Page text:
The Saturday Night I Met Myself

In my drinking days, his being a practical stranger would have been the perfect rationale for me to swipe on some lip-gloss, grab my purse and follow him to the bar.

It’s not that long ago I would have said yes.

“I’m headed to the Train Wreck. Come with! You can’t just sit here on a Saturday Night!”

My girlfriend and I were settled on the couch, brownies in the oven. Leaving Utopia wasn’t an option. I could have made the excuse that I don’t drink, but didn’t bother. He was just a guy renting my guest room for the weekend; we’d probably never see each other again.

In my drinking days, his being a practical stranger would have been the perfect rationale for me to swipe on some lip-gloss, grab my purse and follow him to the bar.

There was an awkward pause after he asked…as though he couldn’t believe we would turn down his offer. How could we be satisfied sitting home, when we could be perched on a barstool next to him, indulging in the drink special of the night?

“Oh, you’re serious? Staying home on a weekend? Well, have a good night.”

We nodded and I said “Drive home safe. Call if you need a ride. Don’t drink too much and drive.”

My own response surprised me.

Who was I?

Where was the girl that would do anything to get numb and avoid reality?Even if it meant ditching her friend for an unattractive, unknown guy and a bar literally called the Train Wreck? Where was the girl who would shove the voice of reason so far down it couldn’t be heard, then walk out the door avoiding every flapping red flag?

What about the girl who by 8pm on a Saturday had already consumed a bottle of wine or some ungodly amount of IPA, but would still jump at the offer to drive everyone to the bar?

I was that girl. The girl who would trade a perfectly nice night at home with my dog and my friend, for a night of so-called adventure; even if it meant risking my safety, sobriety, and sanity. The so-called adventure never came to fruition of course. The most exciting thing that would happen was chatting up a greasy stranger and making plans which I had no intention of following up on, but for an hour or two they’d be my best friend and soul mate while we bullshitted at the bartop.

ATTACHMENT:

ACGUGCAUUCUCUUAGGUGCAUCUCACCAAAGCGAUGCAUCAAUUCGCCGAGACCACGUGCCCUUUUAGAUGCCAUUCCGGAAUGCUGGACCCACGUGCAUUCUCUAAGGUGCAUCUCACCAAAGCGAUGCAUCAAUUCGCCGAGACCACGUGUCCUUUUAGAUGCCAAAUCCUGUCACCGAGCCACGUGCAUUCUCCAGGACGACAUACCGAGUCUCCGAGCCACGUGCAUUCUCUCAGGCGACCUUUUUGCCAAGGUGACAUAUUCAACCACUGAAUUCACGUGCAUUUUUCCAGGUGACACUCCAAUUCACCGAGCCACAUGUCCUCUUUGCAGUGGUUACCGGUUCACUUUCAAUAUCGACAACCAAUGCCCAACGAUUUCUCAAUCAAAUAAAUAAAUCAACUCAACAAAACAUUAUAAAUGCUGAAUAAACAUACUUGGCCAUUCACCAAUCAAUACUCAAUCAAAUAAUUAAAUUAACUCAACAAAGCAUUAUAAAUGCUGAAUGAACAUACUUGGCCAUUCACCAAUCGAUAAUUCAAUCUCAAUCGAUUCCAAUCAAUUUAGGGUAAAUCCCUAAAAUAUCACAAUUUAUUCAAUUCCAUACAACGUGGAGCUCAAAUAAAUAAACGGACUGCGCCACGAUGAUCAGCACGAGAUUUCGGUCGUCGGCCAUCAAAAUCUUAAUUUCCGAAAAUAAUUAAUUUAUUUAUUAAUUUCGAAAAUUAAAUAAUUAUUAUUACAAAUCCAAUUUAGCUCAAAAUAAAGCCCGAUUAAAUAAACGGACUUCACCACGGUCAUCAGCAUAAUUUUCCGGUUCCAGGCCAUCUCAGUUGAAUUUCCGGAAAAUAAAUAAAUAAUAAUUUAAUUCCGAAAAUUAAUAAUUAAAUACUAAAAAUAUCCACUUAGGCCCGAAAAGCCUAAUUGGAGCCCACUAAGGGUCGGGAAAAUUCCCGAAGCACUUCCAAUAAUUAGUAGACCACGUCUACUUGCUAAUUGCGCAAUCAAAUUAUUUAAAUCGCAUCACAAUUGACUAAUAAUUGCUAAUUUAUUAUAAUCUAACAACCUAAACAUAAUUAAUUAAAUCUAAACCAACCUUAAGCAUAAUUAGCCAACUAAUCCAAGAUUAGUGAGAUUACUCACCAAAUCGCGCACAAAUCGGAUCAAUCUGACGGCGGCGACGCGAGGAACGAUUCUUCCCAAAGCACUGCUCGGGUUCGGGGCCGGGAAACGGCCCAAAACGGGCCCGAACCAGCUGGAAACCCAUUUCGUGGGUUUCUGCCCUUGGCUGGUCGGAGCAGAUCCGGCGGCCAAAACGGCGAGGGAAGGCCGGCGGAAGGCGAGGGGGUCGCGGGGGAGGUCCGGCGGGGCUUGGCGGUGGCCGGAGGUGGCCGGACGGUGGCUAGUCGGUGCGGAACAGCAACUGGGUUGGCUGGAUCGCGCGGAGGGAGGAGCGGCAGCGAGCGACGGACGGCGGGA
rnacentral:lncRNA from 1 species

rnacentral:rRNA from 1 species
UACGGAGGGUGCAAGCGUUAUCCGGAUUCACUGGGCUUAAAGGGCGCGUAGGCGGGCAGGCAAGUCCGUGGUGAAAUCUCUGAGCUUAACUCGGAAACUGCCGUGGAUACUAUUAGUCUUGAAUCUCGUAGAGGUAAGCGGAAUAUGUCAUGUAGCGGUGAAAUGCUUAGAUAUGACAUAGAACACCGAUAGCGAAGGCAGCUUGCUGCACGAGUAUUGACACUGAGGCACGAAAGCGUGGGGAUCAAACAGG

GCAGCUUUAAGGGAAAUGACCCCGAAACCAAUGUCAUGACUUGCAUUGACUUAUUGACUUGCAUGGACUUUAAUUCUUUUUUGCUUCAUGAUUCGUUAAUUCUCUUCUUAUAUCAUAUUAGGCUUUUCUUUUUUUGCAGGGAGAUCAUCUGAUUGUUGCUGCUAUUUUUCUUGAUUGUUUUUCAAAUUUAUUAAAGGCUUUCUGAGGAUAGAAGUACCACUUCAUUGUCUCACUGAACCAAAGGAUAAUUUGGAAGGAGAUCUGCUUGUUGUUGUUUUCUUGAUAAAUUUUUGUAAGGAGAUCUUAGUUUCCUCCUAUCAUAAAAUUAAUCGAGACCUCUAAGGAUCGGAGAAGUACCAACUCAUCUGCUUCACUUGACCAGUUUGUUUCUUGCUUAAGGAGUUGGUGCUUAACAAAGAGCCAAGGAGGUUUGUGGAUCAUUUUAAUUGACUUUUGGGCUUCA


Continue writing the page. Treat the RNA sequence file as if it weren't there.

Eventually I’d realize I was the only one left, and after finagling one more drink out of the bartender, the “adventure” would continue: me driving home drunk, followed by a confusing sense of elation having made it home without getting pulled over. The elation would fade away with the drunkenness, leaving only a pathetic, fuzzy memory of secrets shared with my “new best friend”, a mouth resembling a cat’s litter box, and my self worth replaced with soul eating shame.

Ican still touch those memories.

I can reach back into them and experience the sadness and fear. It’s not a stretch to see myself in hindsight and pinpoint the exact minute a bad decision was made. I have a few lingering regrets and a ton of compassion for the hours I spent with my legs wrapped around a barstool.

But I don’t stay there. I don’t go under so far that it takes my breath and is a struggle to come back. Because while I might remember what she looked like and how she acted; I am in no way her any longer.

On this Saturday night, I realized how true this is. I’m the girl that genuinely feels excited for a night of brownies and SNL. Honestly concerned that someone might drink and drive, I’m the girl that offers to be D.D. (kind of halfheartedly, ‘cuz I’m loving my pajamas and no way do I want to leave my house past 9pm; but I do care enough to pick up if he calls).

I’m the girl that laughs louder and bigger and realer than I ever did drunk; that’s impressed by the new flavor of sparkling water in my fridge, that is grateful to be planted in my recliner with my dog. Not as a consolation prize either – thinking I need a break from all the partying I’ve been doing. This is the grand champion of Saturdays. This is the me that experiences zero FOMO when it comes to others’ weekend plans.

I’m the girl that looks forward to hangover- free, early morning runs and pancakes. That loves herself and her friends and shows it by not trading time with them for random male attention. The girl that doesn’t feel provoked, even when the drink invitation comes in the form of a dare. I’m the girl who does not for one second miss the smell of the inside of a bar; and who considers time spent at the Train Wreck a legitimate risk of becoming exactly that.

I didn’t know I was this girl…..and then suddenly, I did. Glowing gently from the inside, I found myself. I had been here all along.

There was nothing more I needed, and nowhere I needed to go. Nothing to numb, avoid or search for.

“You sure you’re staying home? It could be fun….”

And the girl who is ME answered uncompromisingly:

“Of course I’m staying home, everything I want is here.”

I’m the girl that’s recovered. Recovering. Recovered.

If you had any doubts, I’m living proof. We can and DO recover.

Cheers and Gratitude,

Tiffany

Thank you for reading! If you like what you read here, follow me @scrubbedcleanrn (IG and Twitter) and learn more about how to work with me as your personal Life/Recovery Coach at facebook.com/recoverandrise/

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Thank you for reading! If you like what you read here, follow me @scrubbedcleanrn (IG and Twitter) and learn more about how to work with me as your personal Life/Recovery Coach at facebook.com/recoverandrise/

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